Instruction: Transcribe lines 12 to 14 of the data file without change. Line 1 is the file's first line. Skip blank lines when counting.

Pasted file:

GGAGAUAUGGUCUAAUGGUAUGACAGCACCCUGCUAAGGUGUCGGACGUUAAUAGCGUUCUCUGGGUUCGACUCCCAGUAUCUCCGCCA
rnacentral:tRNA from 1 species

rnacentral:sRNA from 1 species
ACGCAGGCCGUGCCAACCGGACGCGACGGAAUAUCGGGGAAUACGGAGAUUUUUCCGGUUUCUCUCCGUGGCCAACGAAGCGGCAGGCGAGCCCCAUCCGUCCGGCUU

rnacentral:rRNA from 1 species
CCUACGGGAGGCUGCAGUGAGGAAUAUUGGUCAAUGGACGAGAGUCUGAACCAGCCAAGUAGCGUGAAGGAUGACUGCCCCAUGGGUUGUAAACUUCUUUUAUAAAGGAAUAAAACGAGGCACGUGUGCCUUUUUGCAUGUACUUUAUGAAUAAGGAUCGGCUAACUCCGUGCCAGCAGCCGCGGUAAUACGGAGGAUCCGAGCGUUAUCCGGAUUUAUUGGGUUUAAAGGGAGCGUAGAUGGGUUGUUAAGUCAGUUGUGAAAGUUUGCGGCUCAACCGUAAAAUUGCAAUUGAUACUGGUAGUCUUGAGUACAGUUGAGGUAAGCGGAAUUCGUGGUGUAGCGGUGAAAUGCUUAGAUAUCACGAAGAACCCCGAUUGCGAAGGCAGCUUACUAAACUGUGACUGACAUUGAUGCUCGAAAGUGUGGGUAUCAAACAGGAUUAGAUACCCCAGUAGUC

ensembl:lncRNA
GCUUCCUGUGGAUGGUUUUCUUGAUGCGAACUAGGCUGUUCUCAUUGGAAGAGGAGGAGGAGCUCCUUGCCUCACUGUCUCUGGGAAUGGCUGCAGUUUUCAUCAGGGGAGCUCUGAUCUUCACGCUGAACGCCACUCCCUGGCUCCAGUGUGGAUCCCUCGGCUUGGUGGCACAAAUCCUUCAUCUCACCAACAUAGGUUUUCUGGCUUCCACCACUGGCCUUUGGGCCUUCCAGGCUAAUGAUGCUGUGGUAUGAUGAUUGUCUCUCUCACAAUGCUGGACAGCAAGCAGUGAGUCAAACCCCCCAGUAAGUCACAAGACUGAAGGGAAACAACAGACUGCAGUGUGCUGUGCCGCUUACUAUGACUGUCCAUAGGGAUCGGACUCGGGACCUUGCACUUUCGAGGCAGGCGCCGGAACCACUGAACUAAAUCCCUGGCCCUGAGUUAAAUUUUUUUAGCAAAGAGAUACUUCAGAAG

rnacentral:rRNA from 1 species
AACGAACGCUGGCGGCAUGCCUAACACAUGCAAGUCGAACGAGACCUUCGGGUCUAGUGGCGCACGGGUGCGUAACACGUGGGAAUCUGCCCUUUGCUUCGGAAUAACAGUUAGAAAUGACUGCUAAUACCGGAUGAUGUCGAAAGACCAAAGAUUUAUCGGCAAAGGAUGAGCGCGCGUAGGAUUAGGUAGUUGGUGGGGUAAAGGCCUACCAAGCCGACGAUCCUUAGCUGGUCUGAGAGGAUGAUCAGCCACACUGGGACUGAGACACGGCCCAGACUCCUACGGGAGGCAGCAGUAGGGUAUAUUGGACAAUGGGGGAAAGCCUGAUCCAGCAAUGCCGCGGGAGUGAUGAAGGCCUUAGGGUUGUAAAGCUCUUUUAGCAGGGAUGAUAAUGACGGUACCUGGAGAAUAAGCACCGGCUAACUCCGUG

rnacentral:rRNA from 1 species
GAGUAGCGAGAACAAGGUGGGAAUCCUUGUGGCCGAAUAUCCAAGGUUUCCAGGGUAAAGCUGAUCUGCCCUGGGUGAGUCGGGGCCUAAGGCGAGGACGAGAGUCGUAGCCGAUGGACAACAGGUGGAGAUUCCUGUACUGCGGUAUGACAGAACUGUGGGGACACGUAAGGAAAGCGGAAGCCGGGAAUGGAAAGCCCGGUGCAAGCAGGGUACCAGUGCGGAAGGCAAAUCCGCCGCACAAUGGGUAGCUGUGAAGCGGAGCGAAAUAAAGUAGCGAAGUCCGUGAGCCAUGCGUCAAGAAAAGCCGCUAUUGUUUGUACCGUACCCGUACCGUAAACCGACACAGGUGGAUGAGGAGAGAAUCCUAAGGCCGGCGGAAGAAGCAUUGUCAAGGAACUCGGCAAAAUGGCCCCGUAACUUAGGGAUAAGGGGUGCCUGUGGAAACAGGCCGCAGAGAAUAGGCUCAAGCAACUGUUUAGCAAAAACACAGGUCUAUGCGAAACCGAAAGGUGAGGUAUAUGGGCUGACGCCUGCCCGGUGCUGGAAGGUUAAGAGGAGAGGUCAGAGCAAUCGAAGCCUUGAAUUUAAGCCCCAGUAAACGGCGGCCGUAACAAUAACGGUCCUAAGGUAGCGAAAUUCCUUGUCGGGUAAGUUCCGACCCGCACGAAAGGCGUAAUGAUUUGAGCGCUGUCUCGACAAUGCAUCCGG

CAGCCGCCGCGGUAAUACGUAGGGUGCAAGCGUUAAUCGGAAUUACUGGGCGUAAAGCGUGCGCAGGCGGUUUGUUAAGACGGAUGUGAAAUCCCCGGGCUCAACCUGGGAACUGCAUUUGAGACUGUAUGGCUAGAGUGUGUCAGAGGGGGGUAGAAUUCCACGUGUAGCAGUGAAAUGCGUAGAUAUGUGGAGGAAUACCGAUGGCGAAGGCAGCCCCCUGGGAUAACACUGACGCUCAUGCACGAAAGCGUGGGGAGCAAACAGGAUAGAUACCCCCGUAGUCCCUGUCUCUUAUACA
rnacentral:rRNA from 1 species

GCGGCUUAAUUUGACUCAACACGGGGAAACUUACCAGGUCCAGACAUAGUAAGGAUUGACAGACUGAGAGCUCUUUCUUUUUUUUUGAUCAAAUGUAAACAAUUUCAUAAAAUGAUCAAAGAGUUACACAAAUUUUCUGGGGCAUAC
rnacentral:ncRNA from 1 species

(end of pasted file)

GAGUAGCGAGAACAAGGUGGGAAUCCUUGUGGCCGAAUAUCCAAGGUUUCCAGGGUAAAGCUGAUCUGCCCUGGGUGAGUCGGGGCCUAAGGCGAGGACGAGAGUCGUAGCCGAUGGACAACAGGUGGAGAUUCCUGUACUGCGGUAUGACAGAACUGUGGGGACACGUAAGGAAAGCGGAAGCCGGGAAUGGAAAGCCCGGUGCAAGCAGGGUACCAGUGCGGAAGGCAAAUCCGCCGCACAAUGGGUAGCUGUGAAGCGGAGCGAAAUAAAGUAGCGAAGUCCGUGAGCCAUGCGUCAAGAAAAGCCGCUAUUGUUUGUACCGUACCCGUACCGUAAACCGACACAGGUGGAUGAGGAGAGAAUCCUAAGGCCGGCGGAAGAAGCAUUGUCAAGGAACUCGGCAAAAUGGCCCCGUAACUUAGGGAUAAGGGGUGCCUGUGGAAACAGGCCGCAGAGAAUAGGCUCAAGCAACUGUUUAGCAAAAACACAGGUCUAUGCGAAACCGAAAGGUGAGGUAUAUGGGCUGACGCCUGCCCGGUGCUGGAAGGUUAAGAGGAGAGGUCAGAGCAAUCGAAGCCUUGAAUUUAAGCCCCAGUAAACGGCGGCCGUAACAAUAACGGUCCUAAGGUAGCGAAAUUCCUUGUCGGGUAAGUUCCGACCCGCACGAAAGGCGUAAUGAUUUGAGCGCUGUCUCGACAAUGCAUCCGG

CAGCCGCCGCGGUAAUACGUAGGGUGCAAGCGUUAAUCGGAAUUACUGGGCGUAAAGCGUGCGCAGGCGGUUUGUUAAGACGGAUGUGAAAUCCCCGGGCUCAACCUGGGAACUGCAUUUGAGACUGUAUGGCUAGAGUGUGUCAGAGGGGGGUAGAAUUCCACGUGUAGCAGUGAAAUGCGUAGAUAUGUGGAGGAAUACCGAUGGCGAAGGCAGCCCCCUGGGAUAACACUGACGCUCAUGCACGAAAGCGUGGGGAGCAAACAGGAUAGAUACCCCCGUAGUCCCUGUCUCUUAUACA
rnacentral:rRNA from 1 species